How to Dress for a Day in the Snow

How to Dress for a Day in the Snow

Just because it’s winter and cold doesn’t mean you have to hibernate inside. Dressing properly for cold weather can keep you comfy all day long and able to enjoy yourself outside whether its on the ski hill, ice skating, sledding, snowmobiling or just taking a walk. The right clothes can make the difference between a fun day and a miserable one.

Layers are the key to dressing comfortably in the cold. Multiple layers that you can take on and off are much more versatile for play in the snow. https://www.icydays.org/ You can remove or unzip a layer when you’re working hard and or enjoying the extra heat of the sun midday. An extra layer can be added when the sun goes behind the clouds and your relaxing and not generating so much body heat.

The layer closest to your skin should be lightweight and be able to wick the moisture from your body. Man-made materials like polypro are good choices for your skin layer. A turtleneck and leggings work well. You can also get shorter leggings, like long shorts that fit close to your skin. You’ll be surprised at how warm a light layer next to your skin can keep you.

Cotton is a bad choice for this layer as it just absorbs moisture and holds it near your skin and you will chill easily. Think about the last time you played in the snow in blue jeans and how wet and stiff and cold they got! The snow was absorbed into those jeans and froze there, right?

The middle layer can be more than one layer, depending on your plans for the day and how cold it is. If its really really cold I’ll wear a silk or polypro singlet next to my skin and then a turtleneck over it and then work on the next layer. Wool or polar fleece pullover and pants work well for this layer. Both wool and polar fleece have a lot of loft which traps air keeping you warmer.

Your outer layer needs to be water and wind proof, pants and jacket. They can be lightweight but need to be sturdy to stand up to some abuse. Pants and jackets in materials such as Gortex are plentiful and come in variety of styles and prices.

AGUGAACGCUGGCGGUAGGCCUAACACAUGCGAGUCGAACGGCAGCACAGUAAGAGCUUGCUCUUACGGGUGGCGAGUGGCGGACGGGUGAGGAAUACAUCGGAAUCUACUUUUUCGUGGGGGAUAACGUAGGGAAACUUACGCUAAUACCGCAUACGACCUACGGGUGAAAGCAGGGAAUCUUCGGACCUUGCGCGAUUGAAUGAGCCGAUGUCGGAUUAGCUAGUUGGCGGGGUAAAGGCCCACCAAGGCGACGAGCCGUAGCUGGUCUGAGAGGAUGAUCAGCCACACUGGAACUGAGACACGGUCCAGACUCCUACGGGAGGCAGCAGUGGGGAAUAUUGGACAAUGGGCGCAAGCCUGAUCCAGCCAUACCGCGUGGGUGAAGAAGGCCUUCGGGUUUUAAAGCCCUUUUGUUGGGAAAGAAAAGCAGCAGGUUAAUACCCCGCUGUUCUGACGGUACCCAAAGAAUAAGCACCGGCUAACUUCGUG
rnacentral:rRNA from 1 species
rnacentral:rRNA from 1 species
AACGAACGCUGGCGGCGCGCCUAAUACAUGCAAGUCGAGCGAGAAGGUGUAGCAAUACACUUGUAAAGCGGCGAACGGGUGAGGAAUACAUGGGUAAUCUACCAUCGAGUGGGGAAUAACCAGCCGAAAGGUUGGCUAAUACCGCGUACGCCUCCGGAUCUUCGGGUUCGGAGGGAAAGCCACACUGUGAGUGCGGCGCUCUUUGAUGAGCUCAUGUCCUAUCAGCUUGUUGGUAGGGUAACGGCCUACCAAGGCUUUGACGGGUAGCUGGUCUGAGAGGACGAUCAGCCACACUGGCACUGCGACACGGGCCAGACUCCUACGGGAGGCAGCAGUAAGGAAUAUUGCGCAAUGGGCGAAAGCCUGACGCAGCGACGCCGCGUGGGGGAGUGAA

The one feature I have in all my outerwear is zippers. I like to have the versatility of unzipping the sides of my pants for ventilation as well as having pit and back zips in my jackets. These are great to have open when you’re working hard and easy to zip back up when the temperature drops or you’re riding the lift. They make maintaining your body temp easy to do.

The other parts of your outer layers need to be a hat or helmet, neck gaiter or scarf, goggles or sunglasses, and gloves or mittens. A lot of heat is lost through your head and a hat or helmet will go a long way in keeping your feet warm!

Helmets today come with vents that you can open and close to regulate the temperature so that they keep you comfortable on icy days as well as warmer ones. Hats, of course, come in a huge variety. One thing to look for if you are buying a wool hat is a comfort band – usually polar fleece – to keep the hat from getting too itchy around your forehead.

Sunglasses are great for sitting on the deck but not so great for keeping you warm on the mountain. Good goggles like the Bolle Simmer are the ticket for that. They not only help you see better, but also keep your face warmer in cold temps.

I haven’t discussed socks or mittens or boots, save those for another day as they play a big part in keeping you warm and dry in the snow as well. These are a few suggestions to keep you comfy outdoors in the winter. Cold weather doesn’t need to keep you inside if you dress right for it and cold weather gear doesn’t have to be bulky and uncomfortable to keep you warm with all the lightweight man-made materials available today.

If you’re looking for a great deal on a pair of Bolle Goggles [http://womensskigoggles.net/bolle-goggles] to help keep your face warm on the mountain and keep your vision crystal clear, stop by [http://womensskigoggles.net/bolle-goggles] for a great selection on this year’s goggles with great prices, most with free shipping.

 

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